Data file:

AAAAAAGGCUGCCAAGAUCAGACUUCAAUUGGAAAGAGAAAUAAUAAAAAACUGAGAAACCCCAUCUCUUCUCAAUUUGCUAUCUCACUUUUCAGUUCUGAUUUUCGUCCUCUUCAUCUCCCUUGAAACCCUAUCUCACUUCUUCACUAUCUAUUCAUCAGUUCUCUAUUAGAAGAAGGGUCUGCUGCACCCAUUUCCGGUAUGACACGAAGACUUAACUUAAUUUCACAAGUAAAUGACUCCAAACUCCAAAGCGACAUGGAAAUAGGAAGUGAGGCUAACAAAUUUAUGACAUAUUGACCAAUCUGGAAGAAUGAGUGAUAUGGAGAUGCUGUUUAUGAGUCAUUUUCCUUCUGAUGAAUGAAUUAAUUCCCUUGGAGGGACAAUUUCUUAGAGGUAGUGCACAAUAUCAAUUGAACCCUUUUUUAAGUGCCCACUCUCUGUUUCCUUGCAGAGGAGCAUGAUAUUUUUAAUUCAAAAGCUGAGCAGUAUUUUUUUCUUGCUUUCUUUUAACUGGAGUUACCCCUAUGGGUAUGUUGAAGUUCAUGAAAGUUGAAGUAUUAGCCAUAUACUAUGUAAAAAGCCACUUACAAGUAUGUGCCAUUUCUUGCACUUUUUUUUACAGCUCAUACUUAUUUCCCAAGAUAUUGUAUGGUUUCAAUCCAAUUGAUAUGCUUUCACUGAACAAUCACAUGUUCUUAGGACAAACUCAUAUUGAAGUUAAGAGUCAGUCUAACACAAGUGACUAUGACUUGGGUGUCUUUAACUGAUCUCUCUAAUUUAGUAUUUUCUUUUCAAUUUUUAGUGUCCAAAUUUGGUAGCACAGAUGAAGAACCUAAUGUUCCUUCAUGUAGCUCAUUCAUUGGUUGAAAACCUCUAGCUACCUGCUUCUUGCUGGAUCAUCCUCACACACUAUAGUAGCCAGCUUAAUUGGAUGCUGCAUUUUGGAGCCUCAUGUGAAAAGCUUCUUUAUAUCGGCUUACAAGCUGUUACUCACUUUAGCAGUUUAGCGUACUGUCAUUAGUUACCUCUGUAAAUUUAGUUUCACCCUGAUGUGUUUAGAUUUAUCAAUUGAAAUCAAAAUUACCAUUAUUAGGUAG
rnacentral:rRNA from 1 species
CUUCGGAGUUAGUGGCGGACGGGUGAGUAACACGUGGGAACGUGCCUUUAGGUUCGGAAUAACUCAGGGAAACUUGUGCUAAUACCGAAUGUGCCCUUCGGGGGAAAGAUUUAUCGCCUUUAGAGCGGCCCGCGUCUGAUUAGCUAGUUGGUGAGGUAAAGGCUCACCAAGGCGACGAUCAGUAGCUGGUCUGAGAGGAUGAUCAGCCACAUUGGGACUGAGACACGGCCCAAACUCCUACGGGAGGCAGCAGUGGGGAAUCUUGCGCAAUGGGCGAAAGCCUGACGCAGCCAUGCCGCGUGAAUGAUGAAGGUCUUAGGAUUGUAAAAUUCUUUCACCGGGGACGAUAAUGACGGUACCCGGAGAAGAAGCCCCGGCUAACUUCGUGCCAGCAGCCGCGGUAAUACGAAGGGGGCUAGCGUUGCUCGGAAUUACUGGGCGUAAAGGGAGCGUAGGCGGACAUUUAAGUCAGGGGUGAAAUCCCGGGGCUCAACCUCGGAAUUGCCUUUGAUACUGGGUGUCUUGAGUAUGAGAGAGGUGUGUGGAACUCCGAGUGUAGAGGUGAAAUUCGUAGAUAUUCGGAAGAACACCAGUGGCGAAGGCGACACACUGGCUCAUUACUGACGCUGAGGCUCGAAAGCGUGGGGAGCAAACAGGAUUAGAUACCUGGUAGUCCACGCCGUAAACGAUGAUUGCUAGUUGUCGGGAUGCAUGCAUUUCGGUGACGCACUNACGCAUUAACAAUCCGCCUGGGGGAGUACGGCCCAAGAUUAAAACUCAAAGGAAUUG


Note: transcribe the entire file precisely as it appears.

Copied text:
AAAAAAGGCUGCCAAGAUCAGACUUCAAUUGGAAAGAGAAAUAAUAAAAAACUGAGAAACCCCAUCUCUUCUCAAUUUGCUAUCUCACUUUUCAGUUCUGAUUUUCGUCCUCUUCAUCUCCCUUGAAACCCUAUCUCACUUCUUCACUAUCUAUUCAUCAGUUCUCUAUUAGAAGAAGGGUCUGCUGCACCCAUUUCCGGUAUGACACGAAGACUUAACUUAAUUUCACAAGUAAAUGACUCCAAACUCCAAAGCGACAUGGAAAUAGGAAGUGAGGCUAACAAAUUUAUGACAUAUUGACCAAUCUGGAAGAAUGAGUGAUAUGGAGAUGCUGUUUAUGAGUCAUUUUCCUUCUGAUGAAUGAAUUAAUUCCCUUGGAGGGACAAUUUCUUAGAGGUAGUGCACAAUAUCAAUUGAACCCUUUUUUAAGUGCCCACUCUCUGUUUCCUUGCAGAGGAGCAUGAUAUUUUUAAUUCAAAAGCUGAGCAGUAUUUUUUUCUUGCUUUCUUUUAACUGGAGUUACCCCUAUGGGUAUGUUGAAGUUCAUGAAAGUUGAAGUAUUAGCCAUAUACUAUGUAAAAAGCCACUUACAAGUAUGUGCCAUUUCUUGCACUUUUUUUUACAGCUCAUACUUAUUUCCCAAGAUAUUGUAUGGUUUCAAUCCAAUUGAUAUGCUUUCACUGAACAAUCACAUGUUCUUAGGACAAACUCAUAUUGAAGUUAAGAGUCAGUCUAACACAAGUGACUAUGACUUGGGUGUCUUUAACUGAUCUCUCUAAUUUAGUAUUUUCUUUUCAAUUUUUAGUGUCCAAAUUUGGUAGCACAGAUGAAGAACCUAAUGUUCCUUCAUGUAGCUCAUUCAUUGGUUGAAAACCUCUAGCUACCUGCUUCUUGCUGGAUCAUCCUCACACACUAUAGUAGCCAGCUUAAUUGGAUGCUGCAUUUUGGAGCCUCAUGUGAAAAGCUUCUUUAUAUCGGCUUACAAGCUGUUACUCACUUUAGCAGUUUAGCGUACUGUCAUUAGUUACCUCUGUAAAUUUAGUUUCACCCUGAUGUGUUUAGAUUUAUCAAUUGAAAUCAAAAUUACCAUUAUUAGGUAG
rnacentral:rRNA from 1 species
CUUCGGAGUUAGUGGCGGACGGGUGAGUAACACGUGGGAACGUGCCUUUAGGUUCGGAAUAACUCAGGGAAACUUGUGCUAAUACCGAAUGUGCCCUUCGGGGGAAAGAUUUAUCGCCUUUAGAGCGGCCCGCGUCUGAUUAGCUAGUUGGUGAGGUAAAGGCUCACCAAGGCGACGAUCAGUAGCUGGUCUGAGAGGAUGAUCAGCCACAUUGGGACUGAGACACGGCCCAAACUCCUACGGGAGGCAGCAGUGGGGAAUCUUGCGCAAUGGGCGAAAGCCUGACGCAGCCAUGCCGCGUGAAUGAUGAAGGUCUUAGGAUUGUAAAAUUCUUUCACCGGGGACGAUAAUGACGGUACCCGGAGAAGAAGCCCCGGCUAACUUCGUGCCAGCAGCCGCGGUAAUACGAAGGGGGCUAGCGUUGCUCGGAAUUACUGGGCGUAAAGGGAGCGUAGGCGGACAUUUAAGUCAGGGGUGAAAUCCCGGGGCUCAACCUCGGAAUUGCCUUUGAUACUGGGUGUCUUGAGUAUGAGAGAGGUGUGUGGAACUCCGAGUGUAGAGGUGAAAUUCGUAGAUAUUCGGAAGAACACCAGUGGCGAAGGCGACACACUGGCUCAUUACUGACGCUGAGGCUCGAAAGCGUGGGGAGCAAACAGGAUUAGAUACCUGGUAGUCCACGCCGUAAACGAUGAUUGCUAGUUGUCGGGAUGCAUGCAUUUCGGUGACGCACUNACGCAUUAACAAUCCGCCUGGGGGAGUACGGCCCAAGAUUAAAACUCAAAGGAAUUG